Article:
“Look, the virgin shall conceive and bear a son,
and they shall name him Emmanuel,”
which means, “God is with us.” When Joseph awoke from sleep, he did as the angel of the Lord commanded him; he took her as his wife, but had no marital relations with her until she had borne a son; and he named him Jesus. (Read the whole passage)
The 4th Sunday of Advent is one that rolls is over to Christmas. While, this year we are in the unusual circumstance that there will be a full week between Advent 4 and Christmas Day. Next year for example, the 4th Sunday of Advent is Christmas Eve morning!
Advent then is a long as it can be with 28 days this year. And with still a week to go before Christmas, we get to sit with the story that we alway hear on the 4th Sunday a little longer than usual. The last Sunday in Advent is always the chance to hear the story of Mary’s pregnancy, and Mary and Joseph’s response to this life-changing news.
The announcement of Mary’s pregnancy by the messenger angels is always a turn from the preceding weeks of Advent, from the warnings about the end of time, from John the Baptist preaching in the wilderness and then questioning the legitimacy of the Messiah from prison. It is also movement within our Advent theme of light in the darkness, taking us from a the grand size of God’s plan to bring the Messiah into the world, into the cosmos, to come like a thief in the night, to straighten out the crooked paths, to cure the sick and raise the dead… Advent 4 is movement way from those big things, to the small space of Mary’s body, to the intimate relationship of Mary and Joseph’s engagement.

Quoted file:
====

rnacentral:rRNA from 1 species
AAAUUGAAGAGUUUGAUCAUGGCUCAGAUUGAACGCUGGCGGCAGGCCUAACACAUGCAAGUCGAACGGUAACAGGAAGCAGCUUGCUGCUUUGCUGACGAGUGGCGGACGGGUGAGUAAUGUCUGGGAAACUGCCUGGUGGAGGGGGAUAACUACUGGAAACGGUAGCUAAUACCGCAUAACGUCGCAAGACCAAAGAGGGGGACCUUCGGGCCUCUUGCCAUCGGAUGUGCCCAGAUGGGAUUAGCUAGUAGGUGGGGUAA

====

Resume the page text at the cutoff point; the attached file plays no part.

The story of Mary’s conception is a familiar one, although the version we hear today is less familiar. Rather than the Luke birth story, the beloved one we hear each Christmas that begins “in those days a decree went out from emperor Caesar Augustus that the whole world should be registered”, we hear Matthew’s version. Brief and to the point. There are no angels who appear to Mary today, but instead to Joseph. There is no visit to Mary’s cousin Elizabeth, but just a dream and a command to faithfulness.
And if you caught it at it the end, Jesus is born in Matthew’s version of the story. No shepherds or angels. No stable or manger, no pondering of Mary. No animals or drummer boy, although those aren’t in Luke’s version either. Matthew just gives us what we need to know and then picks up the expanded story with the magi, which we hear at Epiphany.
This doesn’t really sound like the story that we know, or that the carols sing about or that the made-for-TV-movies tell. It is a version of a familiar story told in an unfamiliar way. It opens our eyes anew to something we thought we knew well.
In our final advent weeks, our eyes have been opened anew to the dark places of the world. The theme of light in the darkness has reminded us that seeing the dark places is the first step in seeing the light.